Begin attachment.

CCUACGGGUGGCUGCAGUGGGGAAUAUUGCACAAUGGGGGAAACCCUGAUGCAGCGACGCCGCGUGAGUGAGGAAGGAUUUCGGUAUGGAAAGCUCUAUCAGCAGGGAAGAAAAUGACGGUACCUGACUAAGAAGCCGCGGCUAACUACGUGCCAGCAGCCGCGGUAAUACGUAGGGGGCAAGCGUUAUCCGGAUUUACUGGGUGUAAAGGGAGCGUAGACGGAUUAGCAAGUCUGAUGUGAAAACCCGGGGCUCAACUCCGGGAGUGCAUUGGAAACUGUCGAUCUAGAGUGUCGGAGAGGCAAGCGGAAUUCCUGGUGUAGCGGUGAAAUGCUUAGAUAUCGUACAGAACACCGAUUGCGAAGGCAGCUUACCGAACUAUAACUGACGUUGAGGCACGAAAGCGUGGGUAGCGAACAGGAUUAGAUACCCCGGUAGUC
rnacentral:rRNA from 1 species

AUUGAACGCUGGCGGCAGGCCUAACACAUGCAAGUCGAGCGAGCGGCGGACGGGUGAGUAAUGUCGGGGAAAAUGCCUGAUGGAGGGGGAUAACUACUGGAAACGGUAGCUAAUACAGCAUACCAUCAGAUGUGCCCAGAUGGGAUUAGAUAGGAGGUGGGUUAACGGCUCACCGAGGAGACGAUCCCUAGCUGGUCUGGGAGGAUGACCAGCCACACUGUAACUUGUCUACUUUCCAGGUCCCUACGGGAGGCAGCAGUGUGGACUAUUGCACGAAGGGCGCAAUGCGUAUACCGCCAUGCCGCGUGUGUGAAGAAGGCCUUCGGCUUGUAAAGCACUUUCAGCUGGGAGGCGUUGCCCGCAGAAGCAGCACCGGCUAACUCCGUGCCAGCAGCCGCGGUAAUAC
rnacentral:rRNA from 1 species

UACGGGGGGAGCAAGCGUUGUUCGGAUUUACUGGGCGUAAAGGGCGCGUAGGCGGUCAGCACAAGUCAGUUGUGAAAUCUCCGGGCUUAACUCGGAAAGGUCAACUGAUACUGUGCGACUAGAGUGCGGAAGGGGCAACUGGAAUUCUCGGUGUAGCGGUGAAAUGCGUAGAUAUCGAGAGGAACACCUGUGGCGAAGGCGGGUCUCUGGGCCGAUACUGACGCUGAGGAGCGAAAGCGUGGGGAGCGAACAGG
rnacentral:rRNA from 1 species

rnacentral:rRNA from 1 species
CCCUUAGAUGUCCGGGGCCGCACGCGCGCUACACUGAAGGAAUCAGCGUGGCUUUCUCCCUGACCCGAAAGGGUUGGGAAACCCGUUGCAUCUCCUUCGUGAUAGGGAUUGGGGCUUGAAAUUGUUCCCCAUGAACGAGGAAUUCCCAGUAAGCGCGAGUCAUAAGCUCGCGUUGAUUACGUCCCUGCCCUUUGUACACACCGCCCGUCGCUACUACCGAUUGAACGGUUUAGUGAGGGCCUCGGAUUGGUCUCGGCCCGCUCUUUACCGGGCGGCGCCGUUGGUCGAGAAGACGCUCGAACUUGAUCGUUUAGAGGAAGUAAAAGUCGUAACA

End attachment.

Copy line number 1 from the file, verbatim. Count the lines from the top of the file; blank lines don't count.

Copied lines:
CCUACGGGUGGCUGCAGUGGGGAAUAUUGCACAAUGGGGGAAACCCUGAUGCAGCGACGCCGCGUGAGUGAGGAAGGAUUUCGGUAUGGAAAGCUCUAUCAGCAGGGAAGAAAAUGACGGUACCUGACUAAGAAGCCGCGGCUAACUACGUGCCAGCAGCCGCGGUAAUACGUAGGGGGCAAGCGUUAUCCGGAUUUACUGGGUGUAAAGGGAGCGUAGACGGAUUAGCAAGUCUGAUGUGAAAACCCGGGGCUCAACUCCGGGAGUGCAUUGGAAACUGUCGAUCUAGAGUGUCGGAGAGGCAAGCGGAAUUCCUGGUGUAGCGGUGAAAUGCUUAGAUAUCGUACAGAACACCGAUUGCGAAGGCAGCUUACCGAACUAUAACUGACGUUGAGGCACGAAAGCGUGGGUAGCGAACAGGAUUAGAUACCCCGGUAGUC